Classification of Birth Injuries
Cerebral birth injury is damage to the nervous system by complications during pregnancy, labor, delivery, or the immediate neonatal period. It is associated with a number of predisposing factors related to maternal health, maternal age, social status, labor and delivery, birth weight, gestation, and parity. The most common mechanisms are asphyxia (which may be chronic or acute) and trauma.
intraventricular hemorrhage—not related to trauma: More common in premature infants and with respiratory distress syndrome.
compression head injury—compression of the head: Most likely in fullterm or postmature infants, many of whom are large for their gestational age. May present as subarachnoid, subdural, or (infrequently) cerebellar hemorrhage.
Most of these lesions heal without treatment; however, the infant may be more comfortable when the fracture is immobilized.
skull fractures: Fissure fractures are not uncommon but are usually of little significance. Depressed fractures (a "pond" fracture) may result from pressure on the sacral promontory. The majority resolve spontaneously.
clavicle fractures: This fracture may occur during breech delivery if the baby's arms become displaced or may be the result of a difficult vertex delivery. Recovery is likely without treatment; however, the upper arm may be immobilized against the chest. The baby should always be examined for a concurrent brachial plexus injury.
humeral fractures: This fracture may occur when a displaced arm is pulled down during a breech delivery. The baby should always be examined for nerve damage.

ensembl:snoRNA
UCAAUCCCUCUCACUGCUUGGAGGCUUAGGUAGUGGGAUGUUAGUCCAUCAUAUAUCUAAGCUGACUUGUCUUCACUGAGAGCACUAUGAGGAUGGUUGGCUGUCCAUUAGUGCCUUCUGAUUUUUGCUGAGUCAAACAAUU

femoral fractures: This fracture may occur when a leg is pulled down during delivery of a breech presentation with extended legs. The fracture may be immobilized by bandaging the affected limb to the abdomen.
abducens palsy: Transient abducens palsy occurs in a significant proportion of children born after prolonged labor and those who are delivered by forceps. Usually there is full recovery after a few days or weeks.
facial palsy: Pressure from a forceps blade may injure the extracranial part of the facial nerve. Facial palsy occasionally occurs following a spontaneous vaginal delivery. Recovery may be expected within 2–3 weeks.
Erb's palsy: Trauma to the C5 and C6 spinal roots due to excessive traction on the neck during a delivery, such as a difficult breech extraction or vertex delivery, where there has been difficulty with delivery of the shoulders. The affected arm lies limply at the infant's side, with the hand pronated and wrist slightly flexed. Recovery is usually complete within 2 weeks.
other brachial plexus injuries: The C4 root may be implicated in addition to Erb's palsy, thereby affecting function of the diaphragm with possible resultant acute respiratory distress. Much less common is damage to the lower roots (C7–T1).